Jason Falls, a popular social media consultant, had a thought-provoking post yesterday about when, why and how much he charges clients. In a world where few people talk about how much money they make, it was an interesting behind-the-scenes glimpse of a successful entrepreneur grappling with the challenges of having a lot of demand but a limited resource (himself).
For Falls, it often comes to down to deciding when he should do things for free because it’s the right or nice thing to do, and when he needs to charge people. This is a common problem (albeit a nice one to have) faced by many one-person operations in which the product being sold is you. The upside is you sell a product that you believe in; the downside is there is only so much of you to go around.
If you have no interest in expanding, this demand-supply problem will always be an issue. It means taking on what you can handle, and passing up the rest. The alternative is becoming more than a one-person operation, which involves another set of opportunities and challenges.
Another consideration is determining how much your time is worth and, as important how much clients are prepared to pay for it. Even after establishing a price, the price isn’t always the price because potential clients have different budgets. For some clients, providing them with a lower price makes sense if there’s an opportunity to work on an interesting or exciting project. It comes down to your appetite to work with a client and how much you’re willing to leave on the table to do it.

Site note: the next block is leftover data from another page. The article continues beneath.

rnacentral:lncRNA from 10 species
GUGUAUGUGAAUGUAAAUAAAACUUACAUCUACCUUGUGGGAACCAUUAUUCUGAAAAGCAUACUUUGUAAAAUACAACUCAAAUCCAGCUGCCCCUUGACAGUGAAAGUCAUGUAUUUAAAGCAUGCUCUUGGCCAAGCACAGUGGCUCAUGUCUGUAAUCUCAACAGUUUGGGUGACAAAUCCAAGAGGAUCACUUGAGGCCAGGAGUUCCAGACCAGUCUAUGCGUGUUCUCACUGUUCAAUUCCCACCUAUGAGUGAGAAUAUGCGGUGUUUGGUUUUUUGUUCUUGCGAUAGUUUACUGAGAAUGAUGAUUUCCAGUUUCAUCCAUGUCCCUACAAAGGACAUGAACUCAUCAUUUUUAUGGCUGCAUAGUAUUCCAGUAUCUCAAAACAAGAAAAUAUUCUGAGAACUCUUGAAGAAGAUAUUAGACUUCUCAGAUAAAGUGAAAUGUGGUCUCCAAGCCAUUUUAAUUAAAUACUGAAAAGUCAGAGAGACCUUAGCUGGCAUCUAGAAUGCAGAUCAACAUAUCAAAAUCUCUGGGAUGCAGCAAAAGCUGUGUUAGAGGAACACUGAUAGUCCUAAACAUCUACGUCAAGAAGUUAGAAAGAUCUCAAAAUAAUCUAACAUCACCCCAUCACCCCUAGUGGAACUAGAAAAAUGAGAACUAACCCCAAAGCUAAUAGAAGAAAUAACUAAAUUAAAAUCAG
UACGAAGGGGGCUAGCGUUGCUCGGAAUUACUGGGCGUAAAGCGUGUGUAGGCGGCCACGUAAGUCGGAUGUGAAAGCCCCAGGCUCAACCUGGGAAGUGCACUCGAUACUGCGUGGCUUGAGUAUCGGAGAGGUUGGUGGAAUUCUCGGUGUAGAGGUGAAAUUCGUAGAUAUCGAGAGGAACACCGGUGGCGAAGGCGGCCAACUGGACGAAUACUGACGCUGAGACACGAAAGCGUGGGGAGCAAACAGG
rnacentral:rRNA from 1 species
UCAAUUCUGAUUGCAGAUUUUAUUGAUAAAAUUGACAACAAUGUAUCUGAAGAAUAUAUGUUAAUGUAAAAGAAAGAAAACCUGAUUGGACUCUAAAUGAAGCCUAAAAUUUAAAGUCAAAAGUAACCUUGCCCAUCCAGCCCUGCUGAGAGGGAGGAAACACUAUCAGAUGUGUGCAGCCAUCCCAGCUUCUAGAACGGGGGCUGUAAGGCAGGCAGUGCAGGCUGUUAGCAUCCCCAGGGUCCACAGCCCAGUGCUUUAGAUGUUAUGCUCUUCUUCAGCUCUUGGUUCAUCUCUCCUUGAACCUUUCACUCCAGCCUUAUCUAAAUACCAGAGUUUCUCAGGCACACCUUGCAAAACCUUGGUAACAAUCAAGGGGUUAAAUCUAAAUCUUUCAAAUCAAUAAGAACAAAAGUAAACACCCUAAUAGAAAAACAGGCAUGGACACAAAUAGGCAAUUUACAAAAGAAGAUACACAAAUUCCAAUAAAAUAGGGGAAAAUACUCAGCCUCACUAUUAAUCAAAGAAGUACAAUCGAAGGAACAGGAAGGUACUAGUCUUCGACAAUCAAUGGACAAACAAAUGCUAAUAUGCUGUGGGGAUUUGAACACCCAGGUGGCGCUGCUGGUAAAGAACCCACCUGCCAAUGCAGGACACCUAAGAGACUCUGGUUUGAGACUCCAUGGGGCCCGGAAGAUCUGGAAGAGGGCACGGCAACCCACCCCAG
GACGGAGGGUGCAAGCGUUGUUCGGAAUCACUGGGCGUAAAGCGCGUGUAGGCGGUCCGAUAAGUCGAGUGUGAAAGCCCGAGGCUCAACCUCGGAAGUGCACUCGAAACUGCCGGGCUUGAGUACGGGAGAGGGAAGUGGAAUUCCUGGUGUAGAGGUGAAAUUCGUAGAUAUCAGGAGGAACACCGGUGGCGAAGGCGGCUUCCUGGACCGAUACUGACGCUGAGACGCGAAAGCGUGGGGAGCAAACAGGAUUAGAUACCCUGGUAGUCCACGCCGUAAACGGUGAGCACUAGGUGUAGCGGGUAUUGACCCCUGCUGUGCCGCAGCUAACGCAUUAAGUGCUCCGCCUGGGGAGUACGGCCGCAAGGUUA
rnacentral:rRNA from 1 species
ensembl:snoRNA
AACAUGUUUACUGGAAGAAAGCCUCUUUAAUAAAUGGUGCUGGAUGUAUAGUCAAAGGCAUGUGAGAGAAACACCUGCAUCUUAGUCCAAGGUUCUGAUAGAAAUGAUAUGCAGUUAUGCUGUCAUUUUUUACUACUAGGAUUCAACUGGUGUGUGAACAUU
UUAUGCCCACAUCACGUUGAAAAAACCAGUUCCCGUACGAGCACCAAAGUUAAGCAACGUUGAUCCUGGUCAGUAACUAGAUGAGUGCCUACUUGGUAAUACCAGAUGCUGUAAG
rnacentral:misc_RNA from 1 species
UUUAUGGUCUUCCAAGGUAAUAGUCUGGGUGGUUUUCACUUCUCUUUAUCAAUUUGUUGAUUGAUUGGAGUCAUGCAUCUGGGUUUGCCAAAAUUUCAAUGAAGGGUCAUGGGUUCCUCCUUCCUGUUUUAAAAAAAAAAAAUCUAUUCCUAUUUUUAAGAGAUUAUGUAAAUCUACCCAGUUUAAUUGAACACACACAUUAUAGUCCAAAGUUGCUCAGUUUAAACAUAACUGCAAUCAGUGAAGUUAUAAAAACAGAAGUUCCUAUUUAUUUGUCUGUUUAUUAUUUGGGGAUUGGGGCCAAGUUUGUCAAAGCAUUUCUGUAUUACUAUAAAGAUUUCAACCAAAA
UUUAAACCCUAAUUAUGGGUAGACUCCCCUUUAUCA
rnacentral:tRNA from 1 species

Since starting ME Consulting in January 2009, these are issues that I have encountered and worked through with advice from friends, family and colleagues. While this may seem an odd take on the world, I believe the money isn’t paramount. While it’s obviously necessary to pay the mortgage, put food on the table, etc., if you’re driven by money, work is just work.
To me, work has to be more than work. It has to be something that’s stimulating, exciting, interesting and/or challenging. It should be something that makes it easier to get up in the morning because you can’t wait to get going. During my professional career, I have been extremely lucky to have had jobs that provided these things. When I was a sports, retail and technology reporter, I loved every minute – even when I was making $13,000/year as a wet behind the ears sports reporter at the now-defunct Brampton Daily News. Having a job in which every day is different and you get to meet new and interesting people made the money, in some ways, secondary.
Today, I love what I do. I enjoy the work-life flexibility, the challenge of eating what you catch, and working on different and interesting projects. As someone who spent a long time as a good cubicle-dwelling corporate soldier, including three start-ups, my only issue with the current gig is why I didn’t do it sooner.
What I find encouraging is seeing a growing number of friends have decided to take the same entrepreneurial plunge. They’re at a stage in their lives where they have worked hard to establish their networks and credibility, and now seems like the right time to roll the dice and do something different. Every time someone announces they are doing their own way, I get the entrepreneurial pom-pom out to do a little cheer.
I guess my advice would be to focus on doing something you love and enjoy. If you can find or creat a job that achieves these goals, the money may materialize or not but the upside is work won’t be “work”.